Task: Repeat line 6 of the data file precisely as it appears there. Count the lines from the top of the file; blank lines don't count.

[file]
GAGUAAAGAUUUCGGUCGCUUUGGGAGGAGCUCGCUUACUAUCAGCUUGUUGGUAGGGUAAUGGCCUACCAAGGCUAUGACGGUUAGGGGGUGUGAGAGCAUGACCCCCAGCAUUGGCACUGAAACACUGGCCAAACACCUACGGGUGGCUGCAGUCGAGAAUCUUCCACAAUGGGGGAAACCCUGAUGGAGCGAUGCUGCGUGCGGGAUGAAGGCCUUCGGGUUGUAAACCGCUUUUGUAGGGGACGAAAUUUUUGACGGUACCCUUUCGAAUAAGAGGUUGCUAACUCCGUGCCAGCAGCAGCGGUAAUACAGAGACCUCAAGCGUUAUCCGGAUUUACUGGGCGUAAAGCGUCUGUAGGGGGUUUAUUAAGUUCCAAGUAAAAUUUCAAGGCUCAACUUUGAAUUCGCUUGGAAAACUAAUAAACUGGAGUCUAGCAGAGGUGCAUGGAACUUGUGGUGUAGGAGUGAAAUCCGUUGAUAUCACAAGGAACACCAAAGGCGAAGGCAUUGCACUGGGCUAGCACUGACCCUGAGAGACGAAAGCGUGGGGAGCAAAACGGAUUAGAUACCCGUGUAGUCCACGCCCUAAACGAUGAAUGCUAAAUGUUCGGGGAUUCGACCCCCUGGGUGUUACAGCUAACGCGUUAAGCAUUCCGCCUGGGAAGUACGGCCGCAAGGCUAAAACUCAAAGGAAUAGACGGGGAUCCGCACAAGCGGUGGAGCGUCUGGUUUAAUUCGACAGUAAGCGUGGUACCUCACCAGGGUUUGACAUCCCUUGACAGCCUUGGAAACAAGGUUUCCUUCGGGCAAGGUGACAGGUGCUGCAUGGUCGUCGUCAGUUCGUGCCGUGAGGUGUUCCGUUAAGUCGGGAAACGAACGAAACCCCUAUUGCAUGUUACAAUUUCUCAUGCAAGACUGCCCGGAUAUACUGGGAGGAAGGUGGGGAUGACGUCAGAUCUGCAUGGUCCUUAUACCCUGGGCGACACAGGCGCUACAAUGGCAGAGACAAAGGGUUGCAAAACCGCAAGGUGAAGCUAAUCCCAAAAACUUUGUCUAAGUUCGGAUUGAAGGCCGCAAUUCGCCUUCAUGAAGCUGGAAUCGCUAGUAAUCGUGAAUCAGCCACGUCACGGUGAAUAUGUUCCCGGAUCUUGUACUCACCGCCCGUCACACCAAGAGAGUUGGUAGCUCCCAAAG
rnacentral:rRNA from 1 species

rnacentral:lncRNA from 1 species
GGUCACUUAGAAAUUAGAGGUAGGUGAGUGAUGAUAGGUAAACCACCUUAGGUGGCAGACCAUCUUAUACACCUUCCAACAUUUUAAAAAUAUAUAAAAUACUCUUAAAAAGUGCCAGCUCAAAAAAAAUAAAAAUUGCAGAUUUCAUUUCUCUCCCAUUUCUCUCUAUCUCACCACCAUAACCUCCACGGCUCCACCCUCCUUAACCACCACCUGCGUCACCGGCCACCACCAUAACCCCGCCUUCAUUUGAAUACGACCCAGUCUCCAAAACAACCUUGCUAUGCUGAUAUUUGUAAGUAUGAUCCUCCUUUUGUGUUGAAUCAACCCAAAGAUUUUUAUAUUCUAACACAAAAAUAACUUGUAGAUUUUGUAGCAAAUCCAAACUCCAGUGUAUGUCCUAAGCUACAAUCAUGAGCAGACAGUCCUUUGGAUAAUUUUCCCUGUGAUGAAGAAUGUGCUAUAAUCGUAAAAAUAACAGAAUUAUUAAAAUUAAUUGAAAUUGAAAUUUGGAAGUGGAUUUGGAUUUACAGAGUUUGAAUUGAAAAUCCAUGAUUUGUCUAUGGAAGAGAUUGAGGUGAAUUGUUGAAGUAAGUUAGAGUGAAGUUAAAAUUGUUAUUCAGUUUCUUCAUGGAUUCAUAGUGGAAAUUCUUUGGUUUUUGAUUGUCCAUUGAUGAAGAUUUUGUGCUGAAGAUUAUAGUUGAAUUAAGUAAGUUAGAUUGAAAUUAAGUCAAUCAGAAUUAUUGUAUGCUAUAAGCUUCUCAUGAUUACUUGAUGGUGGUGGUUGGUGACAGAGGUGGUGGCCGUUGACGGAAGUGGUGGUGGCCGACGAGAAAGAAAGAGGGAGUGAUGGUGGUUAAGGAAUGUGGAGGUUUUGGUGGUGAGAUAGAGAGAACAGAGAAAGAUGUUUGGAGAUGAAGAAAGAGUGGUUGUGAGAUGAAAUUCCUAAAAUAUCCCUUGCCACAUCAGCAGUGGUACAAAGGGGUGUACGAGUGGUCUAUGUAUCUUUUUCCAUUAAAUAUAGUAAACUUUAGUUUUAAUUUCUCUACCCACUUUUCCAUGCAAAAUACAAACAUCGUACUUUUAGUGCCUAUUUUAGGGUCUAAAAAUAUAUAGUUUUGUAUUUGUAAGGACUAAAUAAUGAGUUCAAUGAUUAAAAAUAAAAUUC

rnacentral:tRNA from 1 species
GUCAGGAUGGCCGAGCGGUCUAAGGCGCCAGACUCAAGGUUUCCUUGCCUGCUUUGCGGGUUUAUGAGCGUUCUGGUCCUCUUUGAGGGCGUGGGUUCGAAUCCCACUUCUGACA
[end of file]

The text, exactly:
GUCAGGAUGGCCGAGCGGUCUAAGGCGCCAGACUCAAGGUUUCCUUGCCUGCUUUGCGGGUUUAUGAGCGUUCUGGUCCUCUUUGAGGGCGUGGGUUCGAAUCCCACUUCUGACA